My friend Tracy and I formed a writing accountability group about three weeks ago. We agreed that each day we would write 1,000 words on our new manuscripts and send them to each other at the end of the night. We are not reading each other’s words, merely sending them off via e-mail with a word count listed somewhere.
I was the first one to fail.
It was a Monday night, and after teaching all day, getting the girls home early for dinner/homework/bath time to then after whisking them off to gymnastics and then home again for a quick snack and bed—it just didn’t happen. The girls were wound up and stayed up later than normal. They were wired, and I was exhausted. Despite all appearances, this isn’t an excuse that I’m offering, nor was it one when I explained to Tracy that I couldn’t complete my goal that night. I sent her a $5 Amazon gift card. And thus, an extremely nice form of either punishment or motivation (however you look at it) was born. Now, not only do I have to stay accountable to Tracy, but there is a consequence to my lack of discipline, should I choose not to meet my goal.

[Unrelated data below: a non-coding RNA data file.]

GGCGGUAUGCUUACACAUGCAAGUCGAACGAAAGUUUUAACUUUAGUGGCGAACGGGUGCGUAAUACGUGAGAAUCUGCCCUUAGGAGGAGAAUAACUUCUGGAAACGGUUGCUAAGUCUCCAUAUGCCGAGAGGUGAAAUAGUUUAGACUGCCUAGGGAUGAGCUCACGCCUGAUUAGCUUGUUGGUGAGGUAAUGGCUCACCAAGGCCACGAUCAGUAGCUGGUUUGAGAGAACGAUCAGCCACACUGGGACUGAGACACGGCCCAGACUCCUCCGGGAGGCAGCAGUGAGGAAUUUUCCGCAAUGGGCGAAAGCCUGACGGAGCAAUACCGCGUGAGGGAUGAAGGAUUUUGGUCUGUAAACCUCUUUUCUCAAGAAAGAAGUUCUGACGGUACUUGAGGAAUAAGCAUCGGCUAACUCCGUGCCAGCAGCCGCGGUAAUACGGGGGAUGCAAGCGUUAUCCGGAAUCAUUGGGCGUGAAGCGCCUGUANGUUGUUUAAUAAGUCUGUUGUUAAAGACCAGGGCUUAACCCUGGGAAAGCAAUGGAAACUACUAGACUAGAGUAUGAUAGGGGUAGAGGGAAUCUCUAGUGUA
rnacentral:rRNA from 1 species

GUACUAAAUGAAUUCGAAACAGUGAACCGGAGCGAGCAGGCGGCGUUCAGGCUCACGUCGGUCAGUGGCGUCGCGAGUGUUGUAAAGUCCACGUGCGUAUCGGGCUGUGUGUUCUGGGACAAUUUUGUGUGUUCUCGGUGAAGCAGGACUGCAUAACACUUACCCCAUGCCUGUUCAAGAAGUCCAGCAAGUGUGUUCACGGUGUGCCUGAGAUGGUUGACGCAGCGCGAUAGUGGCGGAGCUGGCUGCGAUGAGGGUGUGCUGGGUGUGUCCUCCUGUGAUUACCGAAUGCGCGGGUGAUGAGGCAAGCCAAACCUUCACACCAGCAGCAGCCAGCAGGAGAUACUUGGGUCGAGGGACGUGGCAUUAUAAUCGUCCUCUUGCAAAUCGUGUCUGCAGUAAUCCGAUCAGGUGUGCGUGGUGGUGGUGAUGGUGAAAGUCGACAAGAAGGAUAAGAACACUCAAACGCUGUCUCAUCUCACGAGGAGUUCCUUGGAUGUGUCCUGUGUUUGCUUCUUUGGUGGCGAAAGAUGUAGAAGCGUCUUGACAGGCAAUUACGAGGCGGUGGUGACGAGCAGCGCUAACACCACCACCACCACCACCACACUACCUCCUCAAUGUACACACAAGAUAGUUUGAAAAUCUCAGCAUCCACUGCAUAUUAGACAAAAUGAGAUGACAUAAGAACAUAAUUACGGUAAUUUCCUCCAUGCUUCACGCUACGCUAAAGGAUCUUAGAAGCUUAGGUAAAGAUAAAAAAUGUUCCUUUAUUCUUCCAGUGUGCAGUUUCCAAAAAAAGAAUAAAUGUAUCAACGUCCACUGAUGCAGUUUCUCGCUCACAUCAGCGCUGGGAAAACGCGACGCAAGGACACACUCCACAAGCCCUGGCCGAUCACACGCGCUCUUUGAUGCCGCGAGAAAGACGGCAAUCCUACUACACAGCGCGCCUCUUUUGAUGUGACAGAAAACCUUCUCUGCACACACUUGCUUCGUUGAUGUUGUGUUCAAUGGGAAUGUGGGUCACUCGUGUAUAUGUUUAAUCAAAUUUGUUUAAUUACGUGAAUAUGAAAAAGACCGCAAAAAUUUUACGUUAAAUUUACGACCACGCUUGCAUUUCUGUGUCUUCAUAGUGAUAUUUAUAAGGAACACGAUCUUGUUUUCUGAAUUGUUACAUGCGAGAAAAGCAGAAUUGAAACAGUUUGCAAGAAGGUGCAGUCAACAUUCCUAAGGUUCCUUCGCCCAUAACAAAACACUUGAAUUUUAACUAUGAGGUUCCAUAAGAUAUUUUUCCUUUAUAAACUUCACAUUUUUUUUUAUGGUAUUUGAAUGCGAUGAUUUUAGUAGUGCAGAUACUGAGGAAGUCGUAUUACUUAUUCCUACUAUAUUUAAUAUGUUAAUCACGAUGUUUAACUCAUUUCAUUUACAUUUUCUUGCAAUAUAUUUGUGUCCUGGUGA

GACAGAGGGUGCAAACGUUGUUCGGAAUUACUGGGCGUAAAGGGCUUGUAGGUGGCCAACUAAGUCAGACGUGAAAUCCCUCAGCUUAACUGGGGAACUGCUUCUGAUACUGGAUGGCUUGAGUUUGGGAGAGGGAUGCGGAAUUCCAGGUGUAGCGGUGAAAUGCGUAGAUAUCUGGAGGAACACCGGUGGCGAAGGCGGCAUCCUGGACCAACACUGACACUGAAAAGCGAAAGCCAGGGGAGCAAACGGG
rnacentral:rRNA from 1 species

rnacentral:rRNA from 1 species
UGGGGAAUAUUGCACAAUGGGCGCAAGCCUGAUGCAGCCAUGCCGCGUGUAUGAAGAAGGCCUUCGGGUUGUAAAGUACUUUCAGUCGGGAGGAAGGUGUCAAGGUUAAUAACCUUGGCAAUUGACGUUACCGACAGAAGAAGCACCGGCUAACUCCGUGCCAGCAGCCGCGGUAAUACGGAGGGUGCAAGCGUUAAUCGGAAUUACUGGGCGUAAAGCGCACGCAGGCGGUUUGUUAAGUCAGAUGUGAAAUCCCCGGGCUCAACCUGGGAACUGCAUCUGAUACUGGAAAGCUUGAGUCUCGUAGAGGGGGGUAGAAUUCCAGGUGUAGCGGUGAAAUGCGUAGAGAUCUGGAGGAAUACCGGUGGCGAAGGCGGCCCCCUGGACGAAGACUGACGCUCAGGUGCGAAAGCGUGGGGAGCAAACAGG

This experiment has been a success. A tiring success, but a success nonetheless. My new manuscript is hovering around 20,000 words, and hers has climbed 30K. Likewise, I feel like I now actually *have* a new project. Sometimes the beginning of a new book is the hardest for me. I don’t know the characters yet; I’m trying to find the right pace, and I struggle with the first scenes. It can be daunting, and it can make anyone want to quit—especially me.
Thanks to Tracy, I’m not quitting, and I’m not putting it off any more.
All of this is to say: One of the most helpful things I’ve found for writing is accountability. Your group, should you establish one, can be small. It can be informal. You don’t need a fancy meeting time or place or excess gear. All you need is one other person (whom you trust) and an agreement that you can both uphold.